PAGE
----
We are setting some EXTREMELY high standards here for custom work in these threads. Someone mentioned wanting a $4000 gun for $1500 which has been a problem for me all along with the $1000 FED packages on a Kimber.

This forum is all about educating the 1911 custom gun customer. A little frank commenatry on any maker is always welcome.

This isn't supposed to be Vicker's roast. Lets' make it an educational thread on what needs to be done for a best grade gun.

That won't hurt the makers, editors, the customers or list members.


<font size=-1>[ This Message was edited by: Dane Burns on 2001-06-04 15:38 ]</font>
 

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Dane,

No, I didn't mind at all. Thanks :smile: I just couldn't get the damn thing to work right for some reason :eek:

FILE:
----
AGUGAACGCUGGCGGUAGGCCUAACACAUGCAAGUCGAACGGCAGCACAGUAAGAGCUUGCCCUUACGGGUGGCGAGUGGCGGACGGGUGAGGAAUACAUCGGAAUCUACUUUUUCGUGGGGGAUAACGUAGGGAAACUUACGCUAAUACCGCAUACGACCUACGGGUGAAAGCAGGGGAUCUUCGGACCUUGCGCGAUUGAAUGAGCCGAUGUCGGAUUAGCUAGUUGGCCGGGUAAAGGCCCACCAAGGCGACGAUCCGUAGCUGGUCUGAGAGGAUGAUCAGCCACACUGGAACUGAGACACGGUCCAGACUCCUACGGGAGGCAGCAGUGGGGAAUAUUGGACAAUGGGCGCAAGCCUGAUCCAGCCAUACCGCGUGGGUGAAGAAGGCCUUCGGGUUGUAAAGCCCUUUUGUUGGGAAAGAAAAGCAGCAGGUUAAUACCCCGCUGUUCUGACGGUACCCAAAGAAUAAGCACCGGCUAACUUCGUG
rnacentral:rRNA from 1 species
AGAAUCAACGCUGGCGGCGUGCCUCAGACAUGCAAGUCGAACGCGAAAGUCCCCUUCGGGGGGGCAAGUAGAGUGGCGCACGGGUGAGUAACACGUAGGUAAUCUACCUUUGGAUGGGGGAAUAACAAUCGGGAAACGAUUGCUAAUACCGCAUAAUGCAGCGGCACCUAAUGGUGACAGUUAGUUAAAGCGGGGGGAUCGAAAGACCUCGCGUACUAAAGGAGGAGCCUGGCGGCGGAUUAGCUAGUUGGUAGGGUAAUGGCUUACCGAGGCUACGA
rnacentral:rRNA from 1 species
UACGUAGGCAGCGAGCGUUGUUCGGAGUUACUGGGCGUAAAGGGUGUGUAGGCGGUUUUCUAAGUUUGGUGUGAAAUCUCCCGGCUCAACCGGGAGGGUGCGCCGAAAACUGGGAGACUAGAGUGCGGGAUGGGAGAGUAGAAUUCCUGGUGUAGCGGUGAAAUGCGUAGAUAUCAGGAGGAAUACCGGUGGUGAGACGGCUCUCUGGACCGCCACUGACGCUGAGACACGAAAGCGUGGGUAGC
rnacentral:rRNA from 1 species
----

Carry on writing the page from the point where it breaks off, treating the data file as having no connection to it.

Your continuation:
Concerning the FED price, I guess its all relative. You could easily pay that much for a Wilson or Baer, so when you look at it in those terms, then it becomes a good deal. At least to me :smile:
 

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It's a shame that the american firearms press is going to butcher the meaning of " best grade" by applying it simply to the "best efforts" of some gunsmith. It speaks reams of their ignorance and the general "suck up" nature of so many scribes.

This degredation of the true meaning of "best grade" really pisses me off.